Nonresidential construction spending fell 0.5 percent in April, the fifth straight month of decline and a two-year low, according to analysis by the Associated General Contractors of America. The group cited declining demand in several project categories and blamed “lengthening production and delivery times for materials, along with fast-rising prices for many items.”
Combined private and public nonresidential spending declined 0.5 percent from March and 3.9 percent over 12 months, to the lowest annual rate since December 2018.
Among the other large private nonresidential project types, commercial construction—comprising retail, warehouse and farm structures—retreated 1.3 percent year-over-year despite a gain of 0.4 percent for the month. Manufacturing construction rose 0.6 percent from a year earlier and 0.4 percent from March. Office construction decreased 1.6 percent year-over-year but edged up 0.2 percent in April.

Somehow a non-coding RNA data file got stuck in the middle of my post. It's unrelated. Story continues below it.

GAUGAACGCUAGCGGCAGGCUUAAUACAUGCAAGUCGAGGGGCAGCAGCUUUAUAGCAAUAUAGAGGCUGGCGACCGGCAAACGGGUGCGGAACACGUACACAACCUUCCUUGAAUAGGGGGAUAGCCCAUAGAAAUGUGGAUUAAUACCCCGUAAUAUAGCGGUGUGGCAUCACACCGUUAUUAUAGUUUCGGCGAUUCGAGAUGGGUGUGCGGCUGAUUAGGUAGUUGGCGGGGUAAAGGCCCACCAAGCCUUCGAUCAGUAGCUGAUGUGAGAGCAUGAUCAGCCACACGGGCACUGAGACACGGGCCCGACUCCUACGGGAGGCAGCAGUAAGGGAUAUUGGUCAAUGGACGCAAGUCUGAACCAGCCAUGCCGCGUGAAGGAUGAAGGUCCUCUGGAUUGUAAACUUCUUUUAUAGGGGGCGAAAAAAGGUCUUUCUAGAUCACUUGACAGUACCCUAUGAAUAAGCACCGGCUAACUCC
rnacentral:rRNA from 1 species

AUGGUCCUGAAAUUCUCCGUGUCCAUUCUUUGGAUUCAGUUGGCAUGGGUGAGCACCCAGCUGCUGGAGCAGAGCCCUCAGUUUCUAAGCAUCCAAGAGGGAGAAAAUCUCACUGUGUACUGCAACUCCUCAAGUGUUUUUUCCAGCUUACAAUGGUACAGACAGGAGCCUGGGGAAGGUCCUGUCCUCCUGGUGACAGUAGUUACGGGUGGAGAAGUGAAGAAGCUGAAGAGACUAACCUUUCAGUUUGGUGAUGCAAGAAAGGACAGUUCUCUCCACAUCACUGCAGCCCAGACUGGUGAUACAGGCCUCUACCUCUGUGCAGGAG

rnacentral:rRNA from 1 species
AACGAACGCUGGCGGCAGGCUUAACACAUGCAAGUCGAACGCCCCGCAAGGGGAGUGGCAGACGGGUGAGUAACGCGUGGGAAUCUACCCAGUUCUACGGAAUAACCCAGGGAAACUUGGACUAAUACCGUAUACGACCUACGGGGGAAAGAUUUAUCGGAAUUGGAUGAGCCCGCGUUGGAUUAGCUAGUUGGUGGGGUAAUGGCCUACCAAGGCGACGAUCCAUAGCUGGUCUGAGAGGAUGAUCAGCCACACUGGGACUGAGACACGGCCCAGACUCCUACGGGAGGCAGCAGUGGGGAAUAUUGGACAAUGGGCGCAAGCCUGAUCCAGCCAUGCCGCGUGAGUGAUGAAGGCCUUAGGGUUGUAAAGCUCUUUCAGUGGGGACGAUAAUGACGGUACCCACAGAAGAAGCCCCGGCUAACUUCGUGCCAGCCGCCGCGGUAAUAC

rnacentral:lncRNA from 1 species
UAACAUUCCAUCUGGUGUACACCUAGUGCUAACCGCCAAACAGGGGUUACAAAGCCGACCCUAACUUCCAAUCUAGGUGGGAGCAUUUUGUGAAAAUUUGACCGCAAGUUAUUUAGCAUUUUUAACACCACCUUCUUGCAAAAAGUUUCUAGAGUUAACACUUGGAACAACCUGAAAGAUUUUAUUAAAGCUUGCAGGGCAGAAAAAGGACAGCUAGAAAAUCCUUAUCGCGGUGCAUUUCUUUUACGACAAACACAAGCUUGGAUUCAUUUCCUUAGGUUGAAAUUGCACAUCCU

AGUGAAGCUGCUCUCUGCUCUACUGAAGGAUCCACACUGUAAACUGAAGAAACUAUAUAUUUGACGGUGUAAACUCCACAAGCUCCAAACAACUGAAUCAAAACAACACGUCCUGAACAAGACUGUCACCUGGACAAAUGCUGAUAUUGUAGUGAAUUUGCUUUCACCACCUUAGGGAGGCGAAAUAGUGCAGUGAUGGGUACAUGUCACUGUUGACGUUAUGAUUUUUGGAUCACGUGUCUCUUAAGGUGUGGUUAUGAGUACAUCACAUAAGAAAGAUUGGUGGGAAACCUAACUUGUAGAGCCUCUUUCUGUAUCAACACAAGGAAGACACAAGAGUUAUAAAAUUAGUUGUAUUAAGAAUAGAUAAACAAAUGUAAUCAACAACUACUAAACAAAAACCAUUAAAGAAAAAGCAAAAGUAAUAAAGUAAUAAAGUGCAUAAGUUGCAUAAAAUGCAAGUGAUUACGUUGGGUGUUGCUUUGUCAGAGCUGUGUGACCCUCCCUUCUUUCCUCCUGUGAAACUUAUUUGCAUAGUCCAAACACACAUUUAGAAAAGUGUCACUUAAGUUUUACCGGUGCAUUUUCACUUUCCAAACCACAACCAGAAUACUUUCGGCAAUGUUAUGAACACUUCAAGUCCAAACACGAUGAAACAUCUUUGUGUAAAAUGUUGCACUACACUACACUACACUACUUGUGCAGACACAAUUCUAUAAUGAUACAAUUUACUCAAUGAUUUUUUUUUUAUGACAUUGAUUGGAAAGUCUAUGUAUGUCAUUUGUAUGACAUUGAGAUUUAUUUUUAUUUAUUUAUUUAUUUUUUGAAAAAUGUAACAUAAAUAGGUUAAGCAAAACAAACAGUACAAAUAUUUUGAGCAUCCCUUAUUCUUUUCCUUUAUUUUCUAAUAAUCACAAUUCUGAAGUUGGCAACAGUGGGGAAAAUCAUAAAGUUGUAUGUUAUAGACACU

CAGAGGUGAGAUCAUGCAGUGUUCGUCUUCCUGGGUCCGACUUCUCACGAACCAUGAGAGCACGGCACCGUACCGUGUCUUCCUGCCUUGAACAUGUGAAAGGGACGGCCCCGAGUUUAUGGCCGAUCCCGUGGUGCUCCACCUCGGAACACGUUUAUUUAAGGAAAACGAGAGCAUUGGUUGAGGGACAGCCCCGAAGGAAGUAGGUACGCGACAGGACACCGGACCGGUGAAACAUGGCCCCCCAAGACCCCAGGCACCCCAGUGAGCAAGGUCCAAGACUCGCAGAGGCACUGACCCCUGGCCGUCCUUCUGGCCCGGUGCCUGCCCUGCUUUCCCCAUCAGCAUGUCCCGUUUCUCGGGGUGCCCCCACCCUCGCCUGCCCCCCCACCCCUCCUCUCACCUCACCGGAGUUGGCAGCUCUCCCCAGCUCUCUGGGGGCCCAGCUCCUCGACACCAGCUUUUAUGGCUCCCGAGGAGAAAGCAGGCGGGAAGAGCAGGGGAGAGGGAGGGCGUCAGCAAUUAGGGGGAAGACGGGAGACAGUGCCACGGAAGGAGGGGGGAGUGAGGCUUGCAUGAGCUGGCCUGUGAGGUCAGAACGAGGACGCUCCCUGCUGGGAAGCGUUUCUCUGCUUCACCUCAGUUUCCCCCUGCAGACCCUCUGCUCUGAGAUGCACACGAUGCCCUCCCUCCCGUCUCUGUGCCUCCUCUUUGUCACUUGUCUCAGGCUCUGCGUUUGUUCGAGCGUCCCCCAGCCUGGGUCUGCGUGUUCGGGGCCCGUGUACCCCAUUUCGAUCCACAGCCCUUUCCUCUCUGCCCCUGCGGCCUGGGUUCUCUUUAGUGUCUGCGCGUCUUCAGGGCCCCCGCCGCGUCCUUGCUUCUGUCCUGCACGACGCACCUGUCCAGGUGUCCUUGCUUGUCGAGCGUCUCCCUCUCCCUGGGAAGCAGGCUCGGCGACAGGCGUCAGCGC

Public construction spending slipped 2.2 percent year-over-year and 0.6 percent for the month. Among the largest segments, highway and street construction declined 2.7 percent from a year earlier, although spending rose 0.6 percent for the month. Public educational construction decreased 4.0 percent year-over-year and 0.5 percent in April. Spending on transportation facilities fell 1.9 percent over 12 months and 1.2 percent in April.
“Both public and private nonresidential spending overall continued to shrink in April, despite a pickup in a few spending categories from March,” said Ken Simonson, the association’s chief economist, in a prepared statement. “Ever-growing delays and uncertainty regarding backlogs and delivery times for key materials, as well as shortages and record prices, are likely to make even more project owners hesitant to commit to new work.”
Construction spending in April totaled $1.52 trillion at a seasonally adjusted annual rate, an increase of 0.2 percent from the pace in March and 9.8 percent higher than the pandemic-depressed rate in April 2020. As has been true for the past several months, the year-over-year gain was limited to residential construction, Simonson said. That segment climbed 1.0 percent for the month and 29.5 percent year-over-year.